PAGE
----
Verdict:
 Published on 8 Jul 2013 All rights reserved. 
Pro_Cee'd GT


Until now, Hyundai-Kia group has yet to produce a credible hot hatch. Last year, we had high expectation on Hyundai Veloster Turbo but it turned out to be a big disappointment, blame to a sluggish engine and mediocre tires. Now Kia put the same 1.6 GDI turbo engine into its Pro_Cee'd GT. Will it repeat the same failure? Fortunately, with a better basis and smarter tuning, it finally gets right.

The Cee'd is inherently a better basis for a hot hatch. Not only its exterior design is far more tasteful – all agree it is stylish, while the Veloster is over the top – it is also gifted with a classier multi-link suspension at the rear instead of its sister's torsion-beam axle. In the transformation to GT, Kia tweaked its styling to be sportier and upgraded its interior with delicious Recaro buckets, metal pedals and stitched leather wheel. Under the bonnet, the 1.6 GDI twin-scroll turbo engine might look the same on paper with figures like 204 hp and 195 lbft, but its ECU has been remapped for the European market, curing much of the sluggish throttle response. The power delivery is more refined, although it still displays some turbo lag at low rpm and a reluctant manner to rev towards 6000 rpm. This mean it is not as sweet as the 1.6 turbo of Mini JCW or Peugeot 208 GTI, let alone the 2.0 turbo of hotter rivals. Performance figures also reflect this: 0-60 mph in 7.4 seconds rests in the territory of "warm hatch" rather than "hot hatch".



No, the Cee'd GT is not a hot hatch like Megane RS265 and Focus ST. It is considerably cheaper and less aggressive. In many ways it is closer in nature to 208 GTI and Seat Leon FR. Its handling isn't the sharpest, but it is not dull either. Thanks to the sophisticated suspension and its setup done by Kia's European R&D HQ in Germany, its handling and ride are well judged. It is more supple than most hot hatches on back roads, while body control and grip are still decent. The chassis also displays a certain degree of adjustability in corners if you lift off throttle. The only major flaw is the electric power steering, which is light and numb on the straight ahead. Some may demand more powerful brakes, but considering its drivers are not as hardcore as Renaultsport, Ford's or OPC's, it is not strictly necessary.

Judging by the dynamic aspect alone, the Cee'd GT would not catch anyone's attention. However, figuring in its good looks, classy interior upgrade, a lower price tag and extra warranty, accompanied with its highly usable space and ride comfort, you will find it a credible choice. American buyers of Veloster Turbo must be jealous.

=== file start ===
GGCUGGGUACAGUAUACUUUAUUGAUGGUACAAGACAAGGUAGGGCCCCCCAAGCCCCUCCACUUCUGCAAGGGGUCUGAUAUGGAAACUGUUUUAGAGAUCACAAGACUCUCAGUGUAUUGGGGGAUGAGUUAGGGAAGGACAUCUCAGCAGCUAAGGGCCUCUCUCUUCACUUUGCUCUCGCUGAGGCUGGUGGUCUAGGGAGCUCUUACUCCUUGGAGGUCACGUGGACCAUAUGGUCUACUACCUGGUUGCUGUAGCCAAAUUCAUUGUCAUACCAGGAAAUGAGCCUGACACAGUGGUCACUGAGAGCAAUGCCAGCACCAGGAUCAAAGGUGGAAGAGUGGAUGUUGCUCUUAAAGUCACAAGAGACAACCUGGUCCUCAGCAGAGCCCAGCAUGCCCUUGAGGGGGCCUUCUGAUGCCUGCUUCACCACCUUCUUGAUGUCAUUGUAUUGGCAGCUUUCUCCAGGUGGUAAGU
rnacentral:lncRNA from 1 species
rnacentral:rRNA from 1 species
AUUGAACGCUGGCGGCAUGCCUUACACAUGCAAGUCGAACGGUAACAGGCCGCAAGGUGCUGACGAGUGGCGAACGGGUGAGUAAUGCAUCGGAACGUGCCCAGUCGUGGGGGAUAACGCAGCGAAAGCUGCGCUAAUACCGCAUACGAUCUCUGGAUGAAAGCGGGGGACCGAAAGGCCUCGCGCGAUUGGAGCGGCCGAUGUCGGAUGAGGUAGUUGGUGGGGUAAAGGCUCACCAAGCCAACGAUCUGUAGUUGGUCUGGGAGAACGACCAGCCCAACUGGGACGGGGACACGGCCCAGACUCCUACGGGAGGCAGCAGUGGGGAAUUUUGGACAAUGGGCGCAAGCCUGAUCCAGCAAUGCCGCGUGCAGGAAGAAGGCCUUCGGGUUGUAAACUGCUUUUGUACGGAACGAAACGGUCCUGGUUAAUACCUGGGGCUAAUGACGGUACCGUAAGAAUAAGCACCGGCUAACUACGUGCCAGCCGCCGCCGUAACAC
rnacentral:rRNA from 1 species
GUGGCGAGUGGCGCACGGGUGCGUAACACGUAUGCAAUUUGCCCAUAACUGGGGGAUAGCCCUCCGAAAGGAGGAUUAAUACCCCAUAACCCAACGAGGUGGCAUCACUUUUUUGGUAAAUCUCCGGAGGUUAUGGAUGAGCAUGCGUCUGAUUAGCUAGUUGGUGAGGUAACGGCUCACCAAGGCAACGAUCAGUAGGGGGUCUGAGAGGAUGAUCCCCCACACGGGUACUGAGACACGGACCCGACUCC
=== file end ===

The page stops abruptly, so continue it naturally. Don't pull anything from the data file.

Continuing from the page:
Verdict:
Specifications





Year
Layout
Chassis
Body
Length / width / height
Wheelbase
Engine
Capacity
Valve gears
Induction
Other engine features
Max power
Max torque
Transmission
Suspension layout

Suspension features
Tires
Kerb weight
Top speed
0-60 mph (sec)
0-100 mph (sec)
Cee'd 1.6GDi
2012
Front-engined, FWD
Steel monocoque
Mainly steel
4310 / 1780 / 1470 mm
2650 mm
Inline-4
1591 cc
DOHC 16 valves, DVVT
VIM
DI
135 hp
122 lbft
6-speed manual
F: strut
R: multi-link
-
205/55R16
1193 kg
121 mph (c)
9.3 (c)
-
Cee'd 1.6CRDi
2012
Front-engined, FWD
Steel monocoque
Mainly steel
4310 / 1780 / 1470 mm
2650 mm
Inline-4, diesel
1582 cc
DOHC 16 valves
VTG turbo
CDI
128 hp
192 lbft
6-speed manual
F: strut
R: multi-link
-
205/55R16
1300 kg
122 mph (c)
10.2 (c)
-
Pro_Cee'd 1.6GDi
2013
Front-engined, FWD
Steel monocoque
Mainly steel
4310 / 1780 / 1430 mm
2650 mm
Inline-4
1591 cc
DOHC 16 valves, DVVT
VIM
DI
135 hp
122 lbft
6-speed manual
F: strut
R: multi-link
-
205/55R16
1192 kg
121 mph (c)
9.3 (c)
-




Performance tested by: -





Year
Layout
Chassis
Body
Length / width / height
Wheelbase
Engine
Capacity
Valve gears
Induction
Other engine features
Max power
Max torque
Transmission
Suspension layout

Suspension features
Tires
Kerb weight
Top speed
0-60 mph (sec)
0-100 mph (sec)
Pro_Cee'd GT
2013
Front-engined, FWD
Steel monocoque
Mainly steel
4310 / 1780 / 1430 mm
2650 mm
Inline-4
1591 cc
DOHC 16 valves, DVVT
Turbo
DI
204 hp
195 lbft
6-speed manual
F: strut
R: multi-link
-
225/40R18
1284 kg
143 mph (c)
7.4 (c)
-


















































Performance tested by: -




AutoZine Rating

Cee'd


Pro_Cee'd


Pro_Cee'd GT